Another reason my blog is different:  Well if you haven’t already guessed it, I am a non-linear thinker -- ah the joys of ADHD!  So my essays tend to wander from topic to topic, just like my brain and my interests.  To some readers, this may be a drawback, because they will say my blog lacks focus.  Other readers might enjoy the free-association of my writing.  But ultimately, I say, “To thine own self be true”, so do what works for you. 

Thanks for your interest.  If you are new, enjoy what is on my pages.  If you are a veteran reader, may you keep carrying the torch for my blog.  I am very grateful for you, my awesome audience.

Thursday, February 13, 2014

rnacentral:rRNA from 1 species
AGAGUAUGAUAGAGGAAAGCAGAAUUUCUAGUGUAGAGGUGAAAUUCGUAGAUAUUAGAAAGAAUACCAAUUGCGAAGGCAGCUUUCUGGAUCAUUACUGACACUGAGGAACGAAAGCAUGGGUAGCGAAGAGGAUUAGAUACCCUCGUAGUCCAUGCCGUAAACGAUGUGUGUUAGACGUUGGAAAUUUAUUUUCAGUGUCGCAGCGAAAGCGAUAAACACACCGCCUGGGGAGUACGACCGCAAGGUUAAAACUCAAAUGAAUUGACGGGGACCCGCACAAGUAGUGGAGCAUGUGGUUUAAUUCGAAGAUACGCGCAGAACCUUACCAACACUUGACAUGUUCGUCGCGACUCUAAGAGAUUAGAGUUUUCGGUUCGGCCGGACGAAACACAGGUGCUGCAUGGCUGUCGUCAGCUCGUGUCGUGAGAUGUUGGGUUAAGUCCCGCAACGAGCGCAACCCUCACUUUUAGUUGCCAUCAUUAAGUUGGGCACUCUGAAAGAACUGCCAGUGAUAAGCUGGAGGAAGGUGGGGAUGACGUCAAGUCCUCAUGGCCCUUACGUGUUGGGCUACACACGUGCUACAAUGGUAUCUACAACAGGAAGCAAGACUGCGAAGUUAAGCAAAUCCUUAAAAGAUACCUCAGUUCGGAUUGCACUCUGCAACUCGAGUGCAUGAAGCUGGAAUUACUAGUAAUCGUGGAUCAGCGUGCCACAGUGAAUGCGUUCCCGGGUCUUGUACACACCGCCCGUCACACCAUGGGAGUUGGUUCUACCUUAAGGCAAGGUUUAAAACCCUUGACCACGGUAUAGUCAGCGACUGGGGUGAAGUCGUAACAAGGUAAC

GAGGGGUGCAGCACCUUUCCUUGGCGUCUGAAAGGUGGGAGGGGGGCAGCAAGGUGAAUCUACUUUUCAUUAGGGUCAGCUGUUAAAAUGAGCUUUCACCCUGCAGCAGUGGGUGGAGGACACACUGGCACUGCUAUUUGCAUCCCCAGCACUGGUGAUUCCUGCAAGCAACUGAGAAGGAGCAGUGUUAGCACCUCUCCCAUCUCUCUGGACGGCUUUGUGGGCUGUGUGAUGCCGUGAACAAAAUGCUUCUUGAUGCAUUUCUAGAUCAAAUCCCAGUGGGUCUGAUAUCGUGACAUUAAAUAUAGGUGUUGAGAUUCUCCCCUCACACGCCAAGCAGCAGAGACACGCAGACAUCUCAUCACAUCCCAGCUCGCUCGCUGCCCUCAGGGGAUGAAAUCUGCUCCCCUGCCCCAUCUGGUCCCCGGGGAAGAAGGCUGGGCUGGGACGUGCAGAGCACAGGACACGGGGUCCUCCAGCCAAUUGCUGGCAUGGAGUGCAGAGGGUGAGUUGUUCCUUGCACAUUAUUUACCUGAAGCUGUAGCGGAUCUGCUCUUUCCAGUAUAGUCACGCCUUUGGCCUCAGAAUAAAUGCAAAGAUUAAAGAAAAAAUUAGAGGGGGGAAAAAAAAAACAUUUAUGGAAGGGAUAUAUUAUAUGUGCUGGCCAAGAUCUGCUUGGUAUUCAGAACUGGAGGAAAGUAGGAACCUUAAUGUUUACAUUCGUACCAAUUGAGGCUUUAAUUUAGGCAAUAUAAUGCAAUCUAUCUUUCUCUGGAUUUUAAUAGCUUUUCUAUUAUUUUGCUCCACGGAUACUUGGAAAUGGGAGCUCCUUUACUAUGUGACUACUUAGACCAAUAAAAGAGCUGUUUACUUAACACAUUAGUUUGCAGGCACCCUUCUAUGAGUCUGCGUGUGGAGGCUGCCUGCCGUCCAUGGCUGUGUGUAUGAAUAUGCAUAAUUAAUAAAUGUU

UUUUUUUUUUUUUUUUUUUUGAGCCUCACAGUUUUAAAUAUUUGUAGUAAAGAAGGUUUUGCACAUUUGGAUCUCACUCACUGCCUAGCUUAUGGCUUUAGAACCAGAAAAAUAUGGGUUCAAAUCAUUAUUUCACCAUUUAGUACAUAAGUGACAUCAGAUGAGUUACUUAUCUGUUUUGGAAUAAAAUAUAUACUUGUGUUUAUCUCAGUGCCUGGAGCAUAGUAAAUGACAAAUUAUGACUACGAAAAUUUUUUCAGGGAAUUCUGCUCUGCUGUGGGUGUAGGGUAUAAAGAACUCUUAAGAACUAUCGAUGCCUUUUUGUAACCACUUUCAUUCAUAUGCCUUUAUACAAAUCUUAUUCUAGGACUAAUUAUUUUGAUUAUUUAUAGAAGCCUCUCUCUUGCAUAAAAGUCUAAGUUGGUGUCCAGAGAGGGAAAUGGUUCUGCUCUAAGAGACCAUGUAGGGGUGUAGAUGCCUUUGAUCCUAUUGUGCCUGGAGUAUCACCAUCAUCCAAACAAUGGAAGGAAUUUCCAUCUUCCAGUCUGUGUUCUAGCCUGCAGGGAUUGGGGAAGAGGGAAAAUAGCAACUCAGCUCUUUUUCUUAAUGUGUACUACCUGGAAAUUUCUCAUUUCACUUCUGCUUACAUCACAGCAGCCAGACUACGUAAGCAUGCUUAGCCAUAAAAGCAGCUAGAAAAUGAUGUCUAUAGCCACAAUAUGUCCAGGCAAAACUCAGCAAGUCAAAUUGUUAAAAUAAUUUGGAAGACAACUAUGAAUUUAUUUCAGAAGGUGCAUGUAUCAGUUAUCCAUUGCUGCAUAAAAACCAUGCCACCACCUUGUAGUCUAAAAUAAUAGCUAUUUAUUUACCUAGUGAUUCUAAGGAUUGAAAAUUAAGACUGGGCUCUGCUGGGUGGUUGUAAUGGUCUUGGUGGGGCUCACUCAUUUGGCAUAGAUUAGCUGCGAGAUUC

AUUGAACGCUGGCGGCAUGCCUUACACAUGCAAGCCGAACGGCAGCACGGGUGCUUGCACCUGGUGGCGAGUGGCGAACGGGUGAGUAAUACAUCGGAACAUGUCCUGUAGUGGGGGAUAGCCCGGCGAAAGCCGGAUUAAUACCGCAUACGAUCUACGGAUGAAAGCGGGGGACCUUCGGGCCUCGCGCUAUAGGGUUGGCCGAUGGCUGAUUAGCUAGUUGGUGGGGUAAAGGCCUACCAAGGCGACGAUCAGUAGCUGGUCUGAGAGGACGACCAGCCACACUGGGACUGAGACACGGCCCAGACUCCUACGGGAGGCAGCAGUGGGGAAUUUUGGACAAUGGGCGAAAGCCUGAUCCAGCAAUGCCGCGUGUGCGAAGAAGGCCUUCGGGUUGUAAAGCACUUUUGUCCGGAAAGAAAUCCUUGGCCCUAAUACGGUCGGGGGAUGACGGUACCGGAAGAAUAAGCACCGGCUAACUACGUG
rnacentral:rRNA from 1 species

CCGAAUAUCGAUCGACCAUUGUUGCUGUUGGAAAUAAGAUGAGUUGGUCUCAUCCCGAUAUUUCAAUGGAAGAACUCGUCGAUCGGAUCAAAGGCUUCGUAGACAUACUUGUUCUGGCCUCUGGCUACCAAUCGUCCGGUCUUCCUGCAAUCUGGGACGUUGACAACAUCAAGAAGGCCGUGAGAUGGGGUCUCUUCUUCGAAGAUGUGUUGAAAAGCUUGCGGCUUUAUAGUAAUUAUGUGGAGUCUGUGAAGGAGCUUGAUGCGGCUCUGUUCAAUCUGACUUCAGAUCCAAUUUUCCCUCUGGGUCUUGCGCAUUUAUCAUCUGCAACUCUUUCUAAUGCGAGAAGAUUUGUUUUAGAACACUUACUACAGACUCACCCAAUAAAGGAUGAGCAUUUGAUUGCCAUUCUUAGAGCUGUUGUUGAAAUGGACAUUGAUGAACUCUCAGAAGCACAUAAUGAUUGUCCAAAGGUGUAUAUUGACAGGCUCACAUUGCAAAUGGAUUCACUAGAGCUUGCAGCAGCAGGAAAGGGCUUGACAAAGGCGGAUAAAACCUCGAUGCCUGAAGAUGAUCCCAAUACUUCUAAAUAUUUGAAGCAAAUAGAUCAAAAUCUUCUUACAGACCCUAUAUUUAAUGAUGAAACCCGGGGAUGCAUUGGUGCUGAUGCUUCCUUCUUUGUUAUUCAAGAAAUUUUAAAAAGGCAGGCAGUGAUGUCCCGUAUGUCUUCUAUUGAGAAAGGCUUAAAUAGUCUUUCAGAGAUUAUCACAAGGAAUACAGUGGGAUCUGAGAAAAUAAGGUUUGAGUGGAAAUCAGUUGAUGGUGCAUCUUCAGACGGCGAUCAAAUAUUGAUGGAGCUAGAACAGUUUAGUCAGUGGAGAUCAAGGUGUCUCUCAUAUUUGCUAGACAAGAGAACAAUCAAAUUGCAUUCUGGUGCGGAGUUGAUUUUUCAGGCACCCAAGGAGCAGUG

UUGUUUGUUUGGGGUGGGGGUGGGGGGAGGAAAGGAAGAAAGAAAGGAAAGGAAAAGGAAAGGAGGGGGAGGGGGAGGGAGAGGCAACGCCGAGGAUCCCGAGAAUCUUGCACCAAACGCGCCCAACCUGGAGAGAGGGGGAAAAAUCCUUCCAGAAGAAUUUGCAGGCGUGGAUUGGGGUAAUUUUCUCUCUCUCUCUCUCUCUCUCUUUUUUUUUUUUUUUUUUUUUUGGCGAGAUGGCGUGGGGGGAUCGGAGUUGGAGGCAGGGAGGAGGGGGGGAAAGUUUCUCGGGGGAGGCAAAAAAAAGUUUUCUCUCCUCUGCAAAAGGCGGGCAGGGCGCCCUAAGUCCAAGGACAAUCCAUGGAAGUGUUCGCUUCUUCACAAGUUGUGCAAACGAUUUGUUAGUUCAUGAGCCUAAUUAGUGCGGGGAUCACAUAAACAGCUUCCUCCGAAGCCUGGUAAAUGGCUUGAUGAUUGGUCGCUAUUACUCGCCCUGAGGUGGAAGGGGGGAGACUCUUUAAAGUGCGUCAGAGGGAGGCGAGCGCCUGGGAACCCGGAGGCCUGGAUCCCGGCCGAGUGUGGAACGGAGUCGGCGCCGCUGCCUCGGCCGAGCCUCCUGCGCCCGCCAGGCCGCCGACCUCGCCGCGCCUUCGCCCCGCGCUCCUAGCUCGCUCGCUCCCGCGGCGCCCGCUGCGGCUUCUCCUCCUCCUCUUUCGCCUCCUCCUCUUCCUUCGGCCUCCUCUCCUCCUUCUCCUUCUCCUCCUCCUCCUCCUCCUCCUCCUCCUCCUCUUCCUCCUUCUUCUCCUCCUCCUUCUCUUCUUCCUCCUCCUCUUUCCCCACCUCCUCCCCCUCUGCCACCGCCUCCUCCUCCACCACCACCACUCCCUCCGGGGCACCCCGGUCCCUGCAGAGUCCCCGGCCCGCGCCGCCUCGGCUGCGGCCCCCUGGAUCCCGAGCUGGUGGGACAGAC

Triglycerides, part 2 -- what I did next

After the appointment with the doctor, I alternated between being mad at the world and generally feeling sorry for myself.  Why did it have to be ME, the foodie, the person who has loved food all her life and made a passion out of cooking, to be the one with heart-attack level triglycerides?  (Well, DUH.)
I knew of course that this approach wasn't helping.  But I felt stuck.  Three days later, on the airplane on the way to Miami with my younger son to visit my mother, a very heavyset woman came down the aisle during boarding and sat down next to me.  She even needed an extra seat belt.  "The universe is mocking me", I thought bitterly. "I bet her triglycerides are lower than mine."  (See, even another person's obesity is all about me.  I am the consummate narcissist.)